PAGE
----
7 principles for designing better interfaces
While taking the UX-PM certification a few weeks ago, I was captivated when the trainer mentioned the “Gestalt theory”. His explanations immediately spoke to me as an interface designer but also as a UX designer.
I am indeed lucky to have come to UX through design. After several years of pure interface design for my clients, I logically went back to the roots of my work in a permanent desire to give meaning to my mandates. I then realized that I was not only working for my clients but also for their users. From then on, there was no return. A new playground was opening up in front of me.
The Gestalt theory
Also called configurationism, the Gestalt theory tries to show that the brain processes forms as a whole and not as individual entities.
A well-known example is this one: What can you see? A cluster of dots or a Dalmatian?
Shapes are interpreted through sensory schemas constructed through experience. These schemas will organize our perceptions, bringing the shapes into a cognitive framework and establishing relationships between them.
The theory is developed around 7 principles:
- Principle of figure-ground
- Principle of similarity
- Principle of proximity
- Principle of common region
- Principle of continuity
- Principle of closure
- Principle of focal point
In UX design as in interface design, cognitive aspects are to be taken into account because a user never arrives on a page without any experience.
When I started my research, I realized that without knowing it, I was already applying many of these principles. Content hierarchy, block display, header layout, white space settings etc.
1. Principle of figure-ground
People instinctively perceive objects as being either in the foreground or in the background.
Example of the figure-ground principle
The UICC.org homepage shows a nice example of using this principle. The different colored backgrounds will make the elements appear sometimes either on the front or in the background. This allows the user to instinctively know what to ignore and what to look at carefully. The baseline, values and key sites of the organization are then brought to the forefront in a striking manner.
2. Principle of similarity
When things are similar, the brain groups them together. If we apply this principle to a digital product, we could even say that the brain will attribute the same functions to them. On the other hand, we can better dissociate the elements that do not have the same function.
Example of the similarity principle
The collaborative platform we created for Infosan is a good example. The different action zones are delimited by different background colors. The upper navigation, on a dark background, stands out clearly from the rest of the page. The lower part presents elements of the same nature and is therefore perceived as a set of results. The white part presents filtering options.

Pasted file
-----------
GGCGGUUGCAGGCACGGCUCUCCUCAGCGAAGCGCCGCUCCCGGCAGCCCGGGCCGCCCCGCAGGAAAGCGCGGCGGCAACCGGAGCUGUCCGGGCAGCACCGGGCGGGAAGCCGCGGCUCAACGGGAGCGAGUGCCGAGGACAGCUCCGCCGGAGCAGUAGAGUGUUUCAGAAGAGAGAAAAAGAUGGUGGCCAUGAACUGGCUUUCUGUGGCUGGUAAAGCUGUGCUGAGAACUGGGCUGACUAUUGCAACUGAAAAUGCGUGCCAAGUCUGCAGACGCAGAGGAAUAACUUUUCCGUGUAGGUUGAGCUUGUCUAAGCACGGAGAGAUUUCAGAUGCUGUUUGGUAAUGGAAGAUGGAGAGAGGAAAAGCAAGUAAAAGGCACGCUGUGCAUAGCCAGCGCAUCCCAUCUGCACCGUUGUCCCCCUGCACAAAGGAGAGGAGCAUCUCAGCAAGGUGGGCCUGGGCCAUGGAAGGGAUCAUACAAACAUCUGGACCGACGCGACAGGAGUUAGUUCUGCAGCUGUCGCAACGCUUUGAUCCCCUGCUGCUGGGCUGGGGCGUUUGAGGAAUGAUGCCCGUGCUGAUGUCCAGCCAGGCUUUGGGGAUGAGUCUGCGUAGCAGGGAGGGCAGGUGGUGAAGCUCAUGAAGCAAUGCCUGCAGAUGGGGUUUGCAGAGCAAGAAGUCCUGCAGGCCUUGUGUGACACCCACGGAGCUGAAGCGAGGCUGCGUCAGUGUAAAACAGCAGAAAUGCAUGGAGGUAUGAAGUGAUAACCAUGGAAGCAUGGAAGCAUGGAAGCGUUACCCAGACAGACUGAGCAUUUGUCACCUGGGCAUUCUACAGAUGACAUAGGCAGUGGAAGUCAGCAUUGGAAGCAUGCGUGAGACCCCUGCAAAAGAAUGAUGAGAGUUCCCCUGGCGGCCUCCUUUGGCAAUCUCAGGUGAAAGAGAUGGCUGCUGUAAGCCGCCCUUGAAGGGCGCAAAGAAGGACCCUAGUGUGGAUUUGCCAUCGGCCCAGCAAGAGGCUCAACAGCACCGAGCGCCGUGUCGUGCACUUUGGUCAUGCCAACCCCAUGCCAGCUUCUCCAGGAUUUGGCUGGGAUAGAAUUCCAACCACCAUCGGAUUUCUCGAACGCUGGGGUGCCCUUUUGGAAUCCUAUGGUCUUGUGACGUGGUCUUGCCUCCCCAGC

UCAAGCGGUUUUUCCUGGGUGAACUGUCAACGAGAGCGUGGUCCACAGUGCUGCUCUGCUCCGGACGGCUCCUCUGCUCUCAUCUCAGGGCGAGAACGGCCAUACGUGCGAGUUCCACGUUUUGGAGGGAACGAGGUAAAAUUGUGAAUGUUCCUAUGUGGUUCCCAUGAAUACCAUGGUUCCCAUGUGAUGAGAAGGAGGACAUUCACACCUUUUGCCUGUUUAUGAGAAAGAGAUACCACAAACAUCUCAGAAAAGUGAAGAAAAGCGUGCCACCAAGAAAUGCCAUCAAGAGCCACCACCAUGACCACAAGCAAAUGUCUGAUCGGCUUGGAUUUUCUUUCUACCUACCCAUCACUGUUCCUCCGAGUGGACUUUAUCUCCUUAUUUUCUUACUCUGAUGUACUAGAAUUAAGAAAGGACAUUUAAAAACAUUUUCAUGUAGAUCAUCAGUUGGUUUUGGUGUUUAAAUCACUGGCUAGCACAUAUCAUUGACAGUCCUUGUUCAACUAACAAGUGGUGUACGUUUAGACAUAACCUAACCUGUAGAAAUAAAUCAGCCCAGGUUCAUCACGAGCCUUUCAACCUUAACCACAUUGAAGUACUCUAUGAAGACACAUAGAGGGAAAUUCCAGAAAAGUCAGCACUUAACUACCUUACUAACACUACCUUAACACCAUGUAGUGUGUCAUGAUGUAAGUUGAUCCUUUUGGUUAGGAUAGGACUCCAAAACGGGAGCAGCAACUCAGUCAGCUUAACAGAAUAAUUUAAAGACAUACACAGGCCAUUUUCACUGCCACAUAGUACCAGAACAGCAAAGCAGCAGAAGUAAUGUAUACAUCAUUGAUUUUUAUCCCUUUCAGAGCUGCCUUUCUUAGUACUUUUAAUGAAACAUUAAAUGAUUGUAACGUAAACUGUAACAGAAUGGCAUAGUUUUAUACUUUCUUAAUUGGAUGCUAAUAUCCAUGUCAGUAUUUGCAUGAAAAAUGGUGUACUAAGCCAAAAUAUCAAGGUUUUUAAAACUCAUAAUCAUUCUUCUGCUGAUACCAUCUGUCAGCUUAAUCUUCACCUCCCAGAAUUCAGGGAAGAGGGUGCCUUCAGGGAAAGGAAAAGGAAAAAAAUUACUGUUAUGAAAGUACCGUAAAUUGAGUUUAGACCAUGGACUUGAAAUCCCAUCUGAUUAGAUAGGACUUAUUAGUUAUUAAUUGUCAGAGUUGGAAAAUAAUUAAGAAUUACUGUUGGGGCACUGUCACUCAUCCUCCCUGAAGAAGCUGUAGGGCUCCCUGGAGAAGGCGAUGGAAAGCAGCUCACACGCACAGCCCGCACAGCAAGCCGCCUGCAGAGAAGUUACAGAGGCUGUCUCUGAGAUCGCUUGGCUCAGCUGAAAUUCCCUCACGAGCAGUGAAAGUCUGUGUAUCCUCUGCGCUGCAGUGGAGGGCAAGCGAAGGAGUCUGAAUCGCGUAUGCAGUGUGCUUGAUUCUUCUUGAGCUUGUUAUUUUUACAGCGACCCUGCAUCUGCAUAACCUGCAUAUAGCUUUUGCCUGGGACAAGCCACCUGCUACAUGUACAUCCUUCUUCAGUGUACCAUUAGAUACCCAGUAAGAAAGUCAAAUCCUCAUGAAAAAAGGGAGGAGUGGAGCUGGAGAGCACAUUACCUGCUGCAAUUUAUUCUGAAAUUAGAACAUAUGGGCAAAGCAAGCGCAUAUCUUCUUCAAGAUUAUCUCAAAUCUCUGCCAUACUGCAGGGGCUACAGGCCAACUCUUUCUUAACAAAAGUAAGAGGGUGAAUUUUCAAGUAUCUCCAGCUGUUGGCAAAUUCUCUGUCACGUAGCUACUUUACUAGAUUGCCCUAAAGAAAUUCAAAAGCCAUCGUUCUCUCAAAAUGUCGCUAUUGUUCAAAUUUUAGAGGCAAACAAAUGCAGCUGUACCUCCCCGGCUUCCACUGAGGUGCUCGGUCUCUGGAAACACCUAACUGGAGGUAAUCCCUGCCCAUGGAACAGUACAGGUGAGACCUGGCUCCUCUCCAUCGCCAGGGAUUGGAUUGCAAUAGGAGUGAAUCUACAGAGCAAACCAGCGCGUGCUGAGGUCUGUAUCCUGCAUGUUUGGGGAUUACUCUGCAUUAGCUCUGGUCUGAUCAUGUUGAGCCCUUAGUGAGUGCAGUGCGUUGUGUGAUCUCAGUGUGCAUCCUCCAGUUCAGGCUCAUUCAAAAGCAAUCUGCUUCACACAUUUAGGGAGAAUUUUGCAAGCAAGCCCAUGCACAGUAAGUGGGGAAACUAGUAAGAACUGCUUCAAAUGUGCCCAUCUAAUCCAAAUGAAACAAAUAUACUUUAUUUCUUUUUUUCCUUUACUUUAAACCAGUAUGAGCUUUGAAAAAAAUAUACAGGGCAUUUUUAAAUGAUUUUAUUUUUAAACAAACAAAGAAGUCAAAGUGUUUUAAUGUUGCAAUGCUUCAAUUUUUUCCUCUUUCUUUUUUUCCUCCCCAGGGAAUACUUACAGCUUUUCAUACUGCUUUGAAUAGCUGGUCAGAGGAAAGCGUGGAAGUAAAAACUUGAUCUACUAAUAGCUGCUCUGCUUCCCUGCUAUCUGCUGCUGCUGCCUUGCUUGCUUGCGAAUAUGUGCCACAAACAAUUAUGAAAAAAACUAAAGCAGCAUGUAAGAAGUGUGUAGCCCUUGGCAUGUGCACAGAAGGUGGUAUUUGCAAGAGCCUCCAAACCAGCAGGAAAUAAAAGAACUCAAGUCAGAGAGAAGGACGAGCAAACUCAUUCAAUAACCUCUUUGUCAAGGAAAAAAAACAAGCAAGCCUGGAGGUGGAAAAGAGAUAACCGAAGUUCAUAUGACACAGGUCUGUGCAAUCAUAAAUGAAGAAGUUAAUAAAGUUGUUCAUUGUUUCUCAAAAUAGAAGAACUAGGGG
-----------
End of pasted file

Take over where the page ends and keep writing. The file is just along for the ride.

3. Principle of proximity
Objects that are close to each other are more related than those that are farther apart.
Example of the proximity principle
The display on the Fribourg Hospital website shows how the proximity between the text and image demonstrates that they are linked together as an entity. Conversely, the large space between each entity makes it possible to immediately identify them as separate.
On the intranet of the International School of Geneva, the proximity between the image and the text allows them to be associated as a single element. The separators and spacing between the elements allow them to be distinguished from each other.
4. Principle of common region
The common region principle is closely related to the law of proximity. When objects are located in the same closed region, we perceive them as being grouped together.
Example of the common region principle
This principle is used on Infosan - the World Health Organisation's collaborative platform - to show that the like, react and share action buttons are associated with a specific post (and not with those around it).
5. Principle of continuity
Elements that are arranged on a line or curve are perceived as being more related than elements that are not.
Example of the continuity principle
To present the key figures of the Centre Iconographique de la Ville de Genève, the principle of continuity has been used to encourage a linear reading of the key figures. The structure of each entry is identical and having them aligned encourages the user to read from left to right.
Same idea for the International Federation of Dentists.
6. Principle of closure
The brain is programmed to recognize shapes and interpret them. When we look at a complex arrangement of visual elements, we tend to look for a single recognizable shape.
Example of the closure principle
The titles of the banners on the Swiss Better Gold Association website appear to be contained within a speech bubble. However, only the lower part of the bubble is represented. It is enough to suggest the whole shape.
7. Principle of focal point
Everything that stands out visually captures and holds the user's attention first.
Example of the focal point principle
The homepage of the Centre Iconographique de la Ville de Genève, shows how the use of color can highlight important entries. The elements in orange stand out clearly in contrast to the elements in gray. Here, the search is clearly identified as the main functionality.
These 7 principles contribute to the fact that a page makes sense to the viewer. Taking them into account in the interface design contributes to a quality user experience.
UX Republic: La théorie de la Gestalt ou Psychologie de la forme
Wikipédia: Gestalt Psychology
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